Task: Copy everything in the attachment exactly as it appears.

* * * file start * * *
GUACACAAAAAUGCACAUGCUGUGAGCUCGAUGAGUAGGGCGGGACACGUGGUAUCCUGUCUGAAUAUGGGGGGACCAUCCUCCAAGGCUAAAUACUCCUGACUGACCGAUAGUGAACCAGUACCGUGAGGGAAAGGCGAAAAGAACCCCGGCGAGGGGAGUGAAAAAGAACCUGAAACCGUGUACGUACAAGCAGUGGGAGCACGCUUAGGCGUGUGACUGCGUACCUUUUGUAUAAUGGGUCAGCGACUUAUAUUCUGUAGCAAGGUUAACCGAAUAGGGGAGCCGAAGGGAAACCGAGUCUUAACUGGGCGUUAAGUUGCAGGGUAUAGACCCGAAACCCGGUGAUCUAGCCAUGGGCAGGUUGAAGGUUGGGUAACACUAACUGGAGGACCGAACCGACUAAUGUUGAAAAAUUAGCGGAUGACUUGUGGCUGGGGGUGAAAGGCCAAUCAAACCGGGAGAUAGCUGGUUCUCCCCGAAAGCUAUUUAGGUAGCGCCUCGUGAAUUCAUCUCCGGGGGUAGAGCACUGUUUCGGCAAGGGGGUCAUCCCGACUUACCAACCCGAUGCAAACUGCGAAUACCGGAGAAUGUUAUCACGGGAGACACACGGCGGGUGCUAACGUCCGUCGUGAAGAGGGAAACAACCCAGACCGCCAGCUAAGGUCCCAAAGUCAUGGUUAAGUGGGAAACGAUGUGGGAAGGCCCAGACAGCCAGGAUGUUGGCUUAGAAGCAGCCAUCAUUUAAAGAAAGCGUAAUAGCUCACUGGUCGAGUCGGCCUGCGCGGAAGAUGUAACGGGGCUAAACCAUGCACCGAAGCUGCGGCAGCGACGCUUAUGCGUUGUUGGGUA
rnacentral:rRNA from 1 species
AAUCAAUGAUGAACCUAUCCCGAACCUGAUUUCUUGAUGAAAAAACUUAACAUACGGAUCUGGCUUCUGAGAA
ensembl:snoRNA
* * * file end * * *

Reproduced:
GUACACAAAAAUGCACAUGCUGUGAGCUCGAUGAGUAGGGCGGGACACGUGGUAUCCUGUCUGAAUAUGGGGGGACCAUCCUCCAAGGCUAAAUACUCCUGACUGACCGAUAGUGAACCAGUACCGUGAGGGAAAGGCGAAAAGAACCCCGGCGAGGGGAGUGAAAAAGAACCUGAAACCGUGUACGUACAAGCAGUGGGAGCACGCUUAGGCGUGUGACUGCGUACCUUUUGUAUAAUGGGUCAGCGACUUAUAUUCUGUAGCAAGGUUAACCGAAUAGGGGAGCCGAAGGGAAACCGAGUCUUAACUGGGCGUUAAGUUGCAGGGUAUAGACCCGAAACCCGGUGAUCUAGCCAUGGGCAGGUUGAAGGUUGGGUAACACUAACUGGAGGACCGAACCGACUAAUGUUGAAAAAUUAGCGGAUGACUUGUGGCUGGGGGUGAAAGGCCAAUCAAACCGGGAGAUAGCUGGUUCUCCCCGAAAGCUAUUUAGGUAGCGCCUCGUGAAUUCAUCUCCGGGGGUAGAGCACUGUUUCGGCAAGGGGGUCAUCCCGACUUACCAACCCGAUGCAAACUGCGAAUACCGGAGAAUGUUAUCACGGGAGACACACGGCGGGUGCUAACGUCCGUCGUGAAGAGGGAAACAACCCAGACCGCCAGCUAAGGUCCCAAAGUCAUGGUUAAGUGGGAAACGAUGUGGGAAGGCCCAGACAGCCAGGAUGUUGGCUUAGAAGCAGCCAUCAUUUAAAGAAAGCGUAAUAGCUCACUGGUCGAGUCGGCCUGCGCGGAAGAUGUAACGGGGCUAAACCAUGCACCGAAGCUGCGGCAGCGACGCUUAUGCGUUGUUGGGUA
rnacentral:rRNA from 1 species
AAUCAAUGAUGAACCUAUCCCGAACCUGAUUUCUUGAUGAAAAAACUUAACAUACGGAUCUGGCUUCUGAGAA
ensembl:snoRNA